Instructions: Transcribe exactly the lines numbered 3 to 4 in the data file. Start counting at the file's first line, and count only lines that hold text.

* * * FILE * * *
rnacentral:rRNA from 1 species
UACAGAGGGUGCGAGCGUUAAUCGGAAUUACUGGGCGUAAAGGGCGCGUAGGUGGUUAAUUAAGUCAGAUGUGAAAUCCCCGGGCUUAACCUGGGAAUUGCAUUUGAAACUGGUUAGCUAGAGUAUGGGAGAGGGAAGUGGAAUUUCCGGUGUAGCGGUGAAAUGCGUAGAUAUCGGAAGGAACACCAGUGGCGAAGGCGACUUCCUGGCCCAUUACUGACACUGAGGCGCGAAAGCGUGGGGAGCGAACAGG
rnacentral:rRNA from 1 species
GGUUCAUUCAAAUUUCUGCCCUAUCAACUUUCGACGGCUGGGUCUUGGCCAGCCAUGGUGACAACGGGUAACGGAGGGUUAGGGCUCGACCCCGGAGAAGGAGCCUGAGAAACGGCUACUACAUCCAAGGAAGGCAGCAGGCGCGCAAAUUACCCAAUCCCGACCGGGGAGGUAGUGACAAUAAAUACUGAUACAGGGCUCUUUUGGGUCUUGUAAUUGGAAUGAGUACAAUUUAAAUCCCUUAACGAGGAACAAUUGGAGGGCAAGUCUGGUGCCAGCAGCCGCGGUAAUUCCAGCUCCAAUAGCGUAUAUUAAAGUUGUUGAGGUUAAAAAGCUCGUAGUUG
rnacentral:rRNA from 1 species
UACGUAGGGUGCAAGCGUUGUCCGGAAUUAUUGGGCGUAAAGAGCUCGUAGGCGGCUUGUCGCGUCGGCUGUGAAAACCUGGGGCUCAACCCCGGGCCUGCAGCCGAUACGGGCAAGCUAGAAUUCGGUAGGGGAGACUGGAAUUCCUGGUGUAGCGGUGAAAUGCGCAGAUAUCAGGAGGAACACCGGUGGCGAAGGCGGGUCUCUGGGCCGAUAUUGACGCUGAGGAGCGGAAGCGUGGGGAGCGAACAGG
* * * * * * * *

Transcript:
rnacentral:rRNA from 1 species
GGUUCAUUCAAAUUUCUGCCCUAUCAACUUUCGACGGCUGGGUCUUGGCCAGCCAUGGUGACAACGGGUAACGGAGGGUUAGGGCUCGACCCCGGAGAAGGAGCCUGAGAAACGGCUACUACAUCCAAGGAAGGCAGCAGGCGCGCAAAUUACCCAAUCCCGACCGGGGAGGUAGUGACAAUAAAUACUGAUACAGGGCUCUUUUGGGUCUUGUAAUUGGAAUGAGUACAAUUUAAAUCCCUUAACGAGGAACAAUUGGAGGGCAAGUCUGGUGCCAGCAGCCGCGGUAAUUCCAGCUCCAAUAGCGUAUAUUAAAGUUGUUGAGGUUAAAAAGCUCGUAGUUG